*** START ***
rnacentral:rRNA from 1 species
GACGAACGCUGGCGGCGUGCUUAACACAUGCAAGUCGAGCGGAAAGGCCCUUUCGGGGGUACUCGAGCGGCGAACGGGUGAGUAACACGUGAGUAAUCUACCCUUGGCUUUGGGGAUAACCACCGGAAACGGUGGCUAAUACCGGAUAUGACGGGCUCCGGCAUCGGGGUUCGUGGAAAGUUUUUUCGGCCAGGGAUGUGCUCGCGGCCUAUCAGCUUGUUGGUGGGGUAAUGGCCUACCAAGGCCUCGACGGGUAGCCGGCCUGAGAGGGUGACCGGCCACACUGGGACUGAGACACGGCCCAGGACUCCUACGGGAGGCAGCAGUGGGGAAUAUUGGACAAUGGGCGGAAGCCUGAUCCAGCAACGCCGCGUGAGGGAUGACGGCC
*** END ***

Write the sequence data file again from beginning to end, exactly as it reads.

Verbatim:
rnacentral:rRNA from 1 species
GACGAACGCUGGCGGCGUGCUUAACACAUGCAAGUCGAGCGGAAAGGCCCUUUCGGGGGUACUCGAGCGGCGAACGGGUGAGUAACACGUGAGUAAUCUACCCUUGGCUUUGGGGAUAACCACCGGAAACGGUGGCUAAUACCGGAUAUGACGGGCUCCGGCAUCGGGGUUCGUGGAAAGUUUUUUCGGCCAGGGAUGUGCUCGCGGCCUAUCAGCUUGUUGGUGGGGUAAUGGCCUACCAAGGCCUCGACGGGUAGCCGGCCUGAGAGGGUGACCGGCCACACUGGGACUGAGACACGGCCCAGGACUCCUACGGGAGGCAGCAGUGGGGAAUAUUGGACAAUGGGCGGAAGCCUGAUCCAGCAACGCCGCGUGAGGGAUGACGGCC